Her fourth suggestion is that ” Congress should consider repealing the 2001 Authorization for Use of Military Force. The Obama administration’s domestic legal justification for most drone strikes relies on the AUMF, which it interprets to authorize the use of force not only against those individuals and organizations with some real connection to the 9/11 attacks, but also against all “associates” of al Qaeda. This infinitely flexible interpretation of the AUMF has lowered the threshold for using force”. Again this has been discussed here before but her contention that it is “infinitely flexible” is incorrect and does not accept the new realities of warfare.
Her tenth point is perhaps most worthwhile, “The administration should convene, through appropriate formal and Track II diplomatic channels, an international dialogue on norms governing the use of drone technologies and targeted killings. The goal should be to develop consensus on the legal principles applicable to targeted killing outside a state’s territory, including those relating to sovereignty, proportionality, and distinction, and on appropriate procedural safeguards to prevent and redress error and abuse”.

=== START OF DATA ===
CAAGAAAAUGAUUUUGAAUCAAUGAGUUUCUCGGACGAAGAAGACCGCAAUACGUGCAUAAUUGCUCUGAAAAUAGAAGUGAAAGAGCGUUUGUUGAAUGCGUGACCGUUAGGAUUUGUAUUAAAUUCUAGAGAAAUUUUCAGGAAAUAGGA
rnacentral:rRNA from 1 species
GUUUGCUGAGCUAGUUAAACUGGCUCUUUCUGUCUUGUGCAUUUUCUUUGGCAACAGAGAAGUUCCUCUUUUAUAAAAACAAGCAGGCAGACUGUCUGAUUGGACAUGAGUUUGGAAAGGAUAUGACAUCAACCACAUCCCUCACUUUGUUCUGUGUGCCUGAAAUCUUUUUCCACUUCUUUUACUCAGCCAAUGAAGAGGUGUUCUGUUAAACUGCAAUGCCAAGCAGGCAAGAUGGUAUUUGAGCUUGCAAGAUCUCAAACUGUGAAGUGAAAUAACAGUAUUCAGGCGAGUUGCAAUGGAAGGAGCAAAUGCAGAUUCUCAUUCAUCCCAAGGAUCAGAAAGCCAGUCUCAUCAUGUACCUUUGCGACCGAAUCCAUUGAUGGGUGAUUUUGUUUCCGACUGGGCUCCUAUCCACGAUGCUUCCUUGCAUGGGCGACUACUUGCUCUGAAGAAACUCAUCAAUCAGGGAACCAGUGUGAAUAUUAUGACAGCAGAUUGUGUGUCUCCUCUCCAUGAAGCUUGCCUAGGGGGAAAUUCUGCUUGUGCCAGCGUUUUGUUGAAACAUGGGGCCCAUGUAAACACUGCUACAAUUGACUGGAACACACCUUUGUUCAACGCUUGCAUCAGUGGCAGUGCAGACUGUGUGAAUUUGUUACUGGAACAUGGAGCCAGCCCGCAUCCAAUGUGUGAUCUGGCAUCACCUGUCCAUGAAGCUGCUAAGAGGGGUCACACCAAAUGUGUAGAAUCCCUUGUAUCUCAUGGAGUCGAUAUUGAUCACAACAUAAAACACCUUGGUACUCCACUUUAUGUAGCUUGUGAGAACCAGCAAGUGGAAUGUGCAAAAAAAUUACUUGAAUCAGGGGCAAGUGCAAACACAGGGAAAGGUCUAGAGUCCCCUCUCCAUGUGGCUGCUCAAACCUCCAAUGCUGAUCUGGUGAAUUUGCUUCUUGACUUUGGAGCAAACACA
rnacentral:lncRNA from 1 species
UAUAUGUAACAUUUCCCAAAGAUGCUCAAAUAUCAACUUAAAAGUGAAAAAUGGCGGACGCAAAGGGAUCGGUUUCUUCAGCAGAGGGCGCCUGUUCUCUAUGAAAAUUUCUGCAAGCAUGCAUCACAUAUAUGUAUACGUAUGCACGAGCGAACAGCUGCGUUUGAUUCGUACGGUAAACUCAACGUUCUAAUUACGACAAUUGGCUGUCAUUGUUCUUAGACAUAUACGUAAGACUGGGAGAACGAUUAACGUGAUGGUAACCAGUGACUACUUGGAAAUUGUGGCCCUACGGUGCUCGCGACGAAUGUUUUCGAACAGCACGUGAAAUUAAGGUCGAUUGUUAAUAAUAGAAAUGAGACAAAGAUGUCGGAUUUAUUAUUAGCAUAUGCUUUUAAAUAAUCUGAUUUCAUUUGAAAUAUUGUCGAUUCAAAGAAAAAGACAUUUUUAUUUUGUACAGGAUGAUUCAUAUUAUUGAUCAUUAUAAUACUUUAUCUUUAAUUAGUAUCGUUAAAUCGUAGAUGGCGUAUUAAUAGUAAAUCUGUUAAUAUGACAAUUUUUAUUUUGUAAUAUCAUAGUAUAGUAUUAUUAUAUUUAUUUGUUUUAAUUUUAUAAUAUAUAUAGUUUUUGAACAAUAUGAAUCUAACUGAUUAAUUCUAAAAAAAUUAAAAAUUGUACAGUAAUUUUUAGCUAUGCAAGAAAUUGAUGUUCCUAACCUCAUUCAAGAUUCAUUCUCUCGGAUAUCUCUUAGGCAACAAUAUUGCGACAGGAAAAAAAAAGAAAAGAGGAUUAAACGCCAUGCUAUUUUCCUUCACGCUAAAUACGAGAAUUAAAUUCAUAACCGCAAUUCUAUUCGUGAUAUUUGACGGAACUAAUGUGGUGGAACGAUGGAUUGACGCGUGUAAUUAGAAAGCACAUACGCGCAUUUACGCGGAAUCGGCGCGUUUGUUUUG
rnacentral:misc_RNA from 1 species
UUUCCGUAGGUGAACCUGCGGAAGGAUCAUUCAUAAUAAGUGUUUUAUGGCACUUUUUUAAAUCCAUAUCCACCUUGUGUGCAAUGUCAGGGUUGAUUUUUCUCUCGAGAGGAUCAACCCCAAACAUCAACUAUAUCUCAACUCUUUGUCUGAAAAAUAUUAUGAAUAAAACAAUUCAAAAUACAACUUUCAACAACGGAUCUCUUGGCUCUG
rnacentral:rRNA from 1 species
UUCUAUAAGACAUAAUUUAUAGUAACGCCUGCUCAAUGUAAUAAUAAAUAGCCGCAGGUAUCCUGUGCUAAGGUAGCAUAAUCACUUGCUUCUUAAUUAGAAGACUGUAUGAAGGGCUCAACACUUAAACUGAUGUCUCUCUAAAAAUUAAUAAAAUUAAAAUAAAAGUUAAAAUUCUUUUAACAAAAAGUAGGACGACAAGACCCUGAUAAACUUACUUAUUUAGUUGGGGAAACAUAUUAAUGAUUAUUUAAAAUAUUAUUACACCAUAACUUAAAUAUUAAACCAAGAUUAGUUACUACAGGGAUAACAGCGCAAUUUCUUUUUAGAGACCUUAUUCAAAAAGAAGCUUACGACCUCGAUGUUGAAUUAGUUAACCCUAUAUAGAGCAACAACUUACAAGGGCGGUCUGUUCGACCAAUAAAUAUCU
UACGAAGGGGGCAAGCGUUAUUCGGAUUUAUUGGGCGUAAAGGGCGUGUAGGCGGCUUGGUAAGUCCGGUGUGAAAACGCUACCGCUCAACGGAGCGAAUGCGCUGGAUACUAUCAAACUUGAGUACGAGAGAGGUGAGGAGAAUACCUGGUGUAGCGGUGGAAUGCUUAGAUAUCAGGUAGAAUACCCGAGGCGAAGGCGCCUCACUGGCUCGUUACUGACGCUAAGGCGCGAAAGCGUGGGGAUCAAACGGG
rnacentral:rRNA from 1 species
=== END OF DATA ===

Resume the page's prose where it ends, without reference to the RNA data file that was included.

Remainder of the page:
“Lord Reid of Cardowan, the former home secretary, said Labour had to move beyond criticising the coalition and must propose its own solutions on issues such as welfare, the economy and housing. David Blunkett, another former New Labour Cabinet member, said the party’s MPs were too quiet and urged his colleagues to work harder at promoting their plans. Their comments followed Mr Miliband’s public clash with Tony Blair last week after the former prime minister warned that Labour was in danger of retreating to its “comfort zone” as a party of protest. Lord Reid, who held six Cabinet posts, including defence secretary and health secretary, said that while Mr Miliband had succeeded in establishing an effective opposition, he had yet to offer an alternative agenda for government”.
Exactly a month after his election Pope Francis has set up a group of cardinals “to advise him in the government of the universal Church and to study a plan for revising the Apostolic Constitution on the Roman Curia, ‘Pastor Bonus'”. The members of the group are Giuseppe Cardinal Bertello, Francisco Javier Cardinal Errázuriz Ossa, Oswald Cardinal Gracias, Reinhard Cardinal Marx, Laurent Cardinal Monsengwo Pasinya, Sean Patrick Cardinal O’Malley, George Cardinal Pell and Oscar Andrés Cardinal Rodríguez Maradiaga. The statement then closes “The group’s first meeting has been scheduled for 1-3 October 2013. His Holiness is, however, currently in contact with the aforementioned cardinals”.
Interestingly only Cardinal Bertello could be described as an active curialist having been a nuncio and now president of the Pontifical Commission for the Vatican City State. All others were/are residential archbishops. Cardinal Errazuriz Ossa served in the curia before as secretary of the Congregation for Institutes of Consecrated Life and Societies of Apostolic Life.